Most of us who are trying - on a daily basis - to reduce our footprint know it can be super challenging at times. On top of having to physically and mentally maintain eco-conscious habits that aren't always convenient, we're constantly bombarded with perfect zero waste pictures on social media. Sometimes it feels like you just can't measure up to your zero waste goals while "so-and-so" on Instagram is doing it effortlessly. Of course, we all know we have to take Instagram's glossy shots with a grain of salt (right?!).
Let's get REAL.
Let's talk about zero waste guilt. How healthy is it to feel negatively when we "fail" in our efforts to live sustainably? Can it actually be a good thing? Or does it only hinder our eco-living growth?
We asked Meera Jain of The Green Mum to weigh in, "I think there is a delicate balance between the kind of guilt that motivates you and that which prohibits you. I used to feel extremely guilty about my lack of action in many facets of the eco-friendly lifestyle. Now that I have made some significant changes, I no longer experience this guilt. There is no denying that it can be the driver of change!" So if the key is to allow ourselves to feel some guilt in order to propel change, how do we find a balance and progress without being so hard on ourselves? We all know where we can personally improve in our efforts to live more green, so setting small, manageable goals is a great way to tackle this. Literally write a list of realistic changes - or habits you want to adopt - in the course of the next 3 months and take action. When you begin feeling guilty about something that isn't on your list, remind yourself you are making changes and be proud of that. If you keep feeling the same guilt over a specific thing, look at editing your list because maybe that 'change' is more important than other items.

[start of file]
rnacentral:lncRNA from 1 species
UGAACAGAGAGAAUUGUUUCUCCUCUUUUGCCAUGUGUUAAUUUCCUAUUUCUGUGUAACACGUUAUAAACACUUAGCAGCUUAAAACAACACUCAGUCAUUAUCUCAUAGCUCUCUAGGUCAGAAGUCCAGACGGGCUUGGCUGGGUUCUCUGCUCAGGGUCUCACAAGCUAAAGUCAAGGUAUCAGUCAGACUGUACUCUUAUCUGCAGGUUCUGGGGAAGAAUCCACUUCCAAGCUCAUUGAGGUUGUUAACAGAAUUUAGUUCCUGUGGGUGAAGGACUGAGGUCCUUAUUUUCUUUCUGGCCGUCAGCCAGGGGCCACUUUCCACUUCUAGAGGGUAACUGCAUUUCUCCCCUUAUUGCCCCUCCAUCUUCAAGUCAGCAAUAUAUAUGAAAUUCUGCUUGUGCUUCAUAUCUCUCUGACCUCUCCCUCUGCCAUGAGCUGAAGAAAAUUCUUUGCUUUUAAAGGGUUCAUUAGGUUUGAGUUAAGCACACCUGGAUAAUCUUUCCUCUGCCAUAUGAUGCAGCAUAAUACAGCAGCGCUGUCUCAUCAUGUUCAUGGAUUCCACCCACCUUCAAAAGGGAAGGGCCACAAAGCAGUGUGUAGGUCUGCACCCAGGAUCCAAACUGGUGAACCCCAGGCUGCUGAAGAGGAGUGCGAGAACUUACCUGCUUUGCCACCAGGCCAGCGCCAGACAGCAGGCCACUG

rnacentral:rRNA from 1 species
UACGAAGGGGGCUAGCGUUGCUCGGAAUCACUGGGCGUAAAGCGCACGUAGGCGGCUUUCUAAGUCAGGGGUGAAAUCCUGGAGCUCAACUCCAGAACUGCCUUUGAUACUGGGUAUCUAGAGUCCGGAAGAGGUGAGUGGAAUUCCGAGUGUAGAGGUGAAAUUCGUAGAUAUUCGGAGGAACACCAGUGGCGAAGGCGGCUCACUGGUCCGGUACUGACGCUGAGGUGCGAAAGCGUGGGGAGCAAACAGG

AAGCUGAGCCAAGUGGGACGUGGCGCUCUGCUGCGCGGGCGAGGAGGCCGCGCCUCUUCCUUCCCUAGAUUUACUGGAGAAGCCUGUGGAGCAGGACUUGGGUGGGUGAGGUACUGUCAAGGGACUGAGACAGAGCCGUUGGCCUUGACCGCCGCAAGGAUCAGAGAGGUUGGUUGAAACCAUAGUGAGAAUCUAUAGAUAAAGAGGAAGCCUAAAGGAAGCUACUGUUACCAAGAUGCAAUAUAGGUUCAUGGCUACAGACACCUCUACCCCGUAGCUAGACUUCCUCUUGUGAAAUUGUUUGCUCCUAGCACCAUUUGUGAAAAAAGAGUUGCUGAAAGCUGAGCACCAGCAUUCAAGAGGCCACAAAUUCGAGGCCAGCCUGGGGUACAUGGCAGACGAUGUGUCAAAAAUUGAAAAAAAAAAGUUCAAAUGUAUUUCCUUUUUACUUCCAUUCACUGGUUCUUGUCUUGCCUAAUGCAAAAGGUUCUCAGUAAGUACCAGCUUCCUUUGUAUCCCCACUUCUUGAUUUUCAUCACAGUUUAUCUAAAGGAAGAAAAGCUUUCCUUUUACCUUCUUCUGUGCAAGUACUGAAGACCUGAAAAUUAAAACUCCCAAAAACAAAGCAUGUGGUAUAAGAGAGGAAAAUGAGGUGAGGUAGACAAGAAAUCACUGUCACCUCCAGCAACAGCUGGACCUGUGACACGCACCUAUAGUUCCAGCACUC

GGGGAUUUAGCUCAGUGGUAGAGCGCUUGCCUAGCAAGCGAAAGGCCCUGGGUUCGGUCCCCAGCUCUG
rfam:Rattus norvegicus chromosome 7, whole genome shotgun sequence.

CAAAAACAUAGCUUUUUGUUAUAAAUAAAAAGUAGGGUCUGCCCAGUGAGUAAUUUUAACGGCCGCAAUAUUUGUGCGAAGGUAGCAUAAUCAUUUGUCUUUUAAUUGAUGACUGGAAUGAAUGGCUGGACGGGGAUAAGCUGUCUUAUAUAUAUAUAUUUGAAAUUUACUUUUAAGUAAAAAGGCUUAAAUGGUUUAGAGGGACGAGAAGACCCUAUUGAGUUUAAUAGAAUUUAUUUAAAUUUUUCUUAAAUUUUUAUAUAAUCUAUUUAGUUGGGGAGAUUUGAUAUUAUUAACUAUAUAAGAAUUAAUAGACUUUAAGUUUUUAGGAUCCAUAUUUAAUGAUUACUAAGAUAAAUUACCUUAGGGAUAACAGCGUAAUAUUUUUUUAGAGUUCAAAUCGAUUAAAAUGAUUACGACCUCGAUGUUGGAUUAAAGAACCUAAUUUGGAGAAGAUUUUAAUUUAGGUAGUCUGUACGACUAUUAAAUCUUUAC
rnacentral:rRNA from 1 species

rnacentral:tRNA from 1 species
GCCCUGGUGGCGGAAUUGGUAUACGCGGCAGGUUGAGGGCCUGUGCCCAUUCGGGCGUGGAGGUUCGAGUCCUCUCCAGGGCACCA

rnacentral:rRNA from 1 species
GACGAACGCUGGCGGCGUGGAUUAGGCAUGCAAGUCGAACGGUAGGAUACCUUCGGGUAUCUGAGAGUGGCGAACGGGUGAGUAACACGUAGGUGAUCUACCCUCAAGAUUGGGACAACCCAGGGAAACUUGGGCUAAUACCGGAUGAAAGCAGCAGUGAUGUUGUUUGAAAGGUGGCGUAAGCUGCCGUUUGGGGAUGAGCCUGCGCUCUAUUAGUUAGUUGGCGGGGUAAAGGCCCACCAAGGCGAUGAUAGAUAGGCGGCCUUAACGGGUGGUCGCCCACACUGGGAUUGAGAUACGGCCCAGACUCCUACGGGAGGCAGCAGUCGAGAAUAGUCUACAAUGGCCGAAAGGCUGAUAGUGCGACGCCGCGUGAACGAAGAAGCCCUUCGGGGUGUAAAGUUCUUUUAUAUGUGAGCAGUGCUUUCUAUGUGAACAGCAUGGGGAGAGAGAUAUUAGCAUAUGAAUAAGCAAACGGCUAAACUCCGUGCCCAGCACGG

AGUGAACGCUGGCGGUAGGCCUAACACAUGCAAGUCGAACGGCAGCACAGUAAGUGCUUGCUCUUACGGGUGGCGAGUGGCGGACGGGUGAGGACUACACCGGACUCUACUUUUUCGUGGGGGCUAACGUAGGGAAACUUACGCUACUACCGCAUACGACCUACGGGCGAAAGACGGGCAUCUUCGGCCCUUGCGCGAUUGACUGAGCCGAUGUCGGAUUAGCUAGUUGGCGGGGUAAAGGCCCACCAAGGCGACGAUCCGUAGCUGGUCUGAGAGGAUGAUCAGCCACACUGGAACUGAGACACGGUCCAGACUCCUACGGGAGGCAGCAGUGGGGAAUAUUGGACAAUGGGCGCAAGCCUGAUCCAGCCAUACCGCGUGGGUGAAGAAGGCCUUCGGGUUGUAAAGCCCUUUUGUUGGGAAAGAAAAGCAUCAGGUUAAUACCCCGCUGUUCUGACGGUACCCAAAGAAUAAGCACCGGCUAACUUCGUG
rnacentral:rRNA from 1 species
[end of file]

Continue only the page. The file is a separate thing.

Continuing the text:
And remember that everyone who is on this journey encounters moments they wouldn't want to post on their Instagram feed! Jain adds, "You have probably heard of the saying “progress over perfection”. I try and adopt it as my daily mantra. It’s okay to feel twinges of guilt when you forget your reusable coffee cup at home, or you order takeout in plastic because you just can’t muster up the energy to get a meal together. But to hang onto these kinds of things does no one any good. It’s far better to focus your attention on what you are doing and channel that negative energy towards other eco-initiatives!"